I’m a member of our college’s Sesquicentennial Steering Committee, which includes outreach to various campus entities to get them to become active participants in events celebrating our 150 years. We’re hoping to cultivate things like lectures, performances, research, readings and other activities that engage people with this grand occasion.
And yet here are some actual responses I’ve had to the question of how folks are actively working the sesquicentennial into their activities:
- “We put the logo on our website!”
- “We’re putting the logo onto some T-shirts!”
- “We’ve included the logo on some of our printed materials.”
My general reaction is “wha-huh?” A logo can build awareness, but it’s passive. By saying you’re slapping the logo on something, you’re essentially participating by not really participating. It’s low-investment activity, sort of like bringing a canned good to gain free admission to a sporting event, then believing you’ve done your part to make the world a better place.
On another note, this exchange, for an emerging program on campus, also took place:
Me: “What are you doing to promote the program?”
Them: “We’ve been working with a student for the past couple months to design a logo.”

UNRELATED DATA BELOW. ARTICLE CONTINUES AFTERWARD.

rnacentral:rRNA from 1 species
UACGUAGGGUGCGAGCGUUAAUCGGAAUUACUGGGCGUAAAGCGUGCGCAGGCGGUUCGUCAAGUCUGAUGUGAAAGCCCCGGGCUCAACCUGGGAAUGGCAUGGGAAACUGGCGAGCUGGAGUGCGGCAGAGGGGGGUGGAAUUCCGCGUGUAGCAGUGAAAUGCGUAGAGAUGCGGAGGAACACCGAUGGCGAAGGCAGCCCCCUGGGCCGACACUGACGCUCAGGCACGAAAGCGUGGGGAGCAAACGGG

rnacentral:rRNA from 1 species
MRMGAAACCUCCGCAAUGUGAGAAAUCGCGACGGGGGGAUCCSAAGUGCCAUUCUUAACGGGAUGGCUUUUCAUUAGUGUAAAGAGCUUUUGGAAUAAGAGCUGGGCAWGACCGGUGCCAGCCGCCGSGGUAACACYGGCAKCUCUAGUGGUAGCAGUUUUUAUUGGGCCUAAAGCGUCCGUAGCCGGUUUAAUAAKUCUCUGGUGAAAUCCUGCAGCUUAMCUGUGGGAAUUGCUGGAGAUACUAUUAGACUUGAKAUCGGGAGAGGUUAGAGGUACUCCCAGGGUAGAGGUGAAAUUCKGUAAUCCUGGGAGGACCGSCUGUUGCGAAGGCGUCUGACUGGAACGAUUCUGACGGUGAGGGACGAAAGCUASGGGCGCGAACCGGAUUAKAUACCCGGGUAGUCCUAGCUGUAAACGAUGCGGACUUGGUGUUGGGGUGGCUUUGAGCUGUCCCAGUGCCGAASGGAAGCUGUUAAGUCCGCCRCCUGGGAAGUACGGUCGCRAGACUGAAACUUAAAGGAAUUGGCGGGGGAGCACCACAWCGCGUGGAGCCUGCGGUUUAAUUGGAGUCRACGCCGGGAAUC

Again … what? So often I see people put all kinds of time and energy into creating a logo when they should be using that instead to develop real content. Such as: What this program is. How it benefits participants. How you can take action. A logo tells you none of those things. We don’t make major purchases because of logos. We buy things because they provide various benefits, tangible and intangible, to us.
I don’t know how to break the obsession with logos over real content or actual action. I guess people decide logos represent low-hanging fruit that can postpone making difficult core decisions. That so many of these logos have very little institutional tie-in is yet another complication, as if it fulfills a need to claim some kind of separate turf. Except it’s like staking claim to some property then designing a national flag in lieu of developing the land or coming up with a governance plan.